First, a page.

_By Merav Fima
I was honored to be selected as the winner of the 2014 Energheia Prize for Israel and to be invited to the awards ceremony in Matera, a fascinating city in southern Italy. As we discovered on our first night there at the exhibition devoted to Pasolini, Matera has for years captivated the imagination of filmmakers, who envisioned the city’s ancient Sassi core and neighboring hillsides as the biblical Jerusalem, where my story “Bride Immaculate” is set.
The story’s protagonist, a young French nun, falls in love with an Arab shepherd against the beautiful landscape of the village of Ein Kerem, believed to be the birthplace of St. John the Baptist. In Matera, too, we discovered devout Catholics and innumerable shepherds; but above all, just like Jerusalem, Matera is thriving and flourishing, despite its long history.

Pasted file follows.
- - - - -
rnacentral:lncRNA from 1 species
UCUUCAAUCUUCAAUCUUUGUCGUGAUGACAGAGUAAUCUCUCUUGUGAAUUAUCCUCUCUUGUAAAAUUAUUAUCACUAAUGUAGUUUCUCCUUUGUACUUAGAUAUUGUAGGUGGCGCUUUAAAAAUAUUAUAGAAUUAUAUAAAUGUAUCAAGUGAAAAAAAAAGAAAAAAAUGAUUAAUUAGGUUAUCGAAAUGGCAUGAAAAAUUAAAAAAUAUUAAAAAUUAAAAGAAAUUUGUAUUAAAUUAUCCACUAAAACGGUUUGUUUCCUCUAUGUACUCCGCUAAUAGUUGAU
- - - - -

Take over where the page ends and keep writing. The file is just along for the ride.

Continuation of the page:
The Sassi is being splendidly restored and we were fortunate to be hosted by a family in their palace, as well as to be treated to a private tour of the House of Ortega (the Spanish artist) and the Contemporary Sculpture Museum by the architect overseeing their restoration.
I was deeply enriched by my encounter with talented writers from Italy, Spain, and Lebanon, reaffirming my conviction that art and literature can bring people closer together and bridge the gaps between them. I returned to Israel from Matera with much inspiration, thanks to the singular cityscape, the wonderful people, and their unique traditions.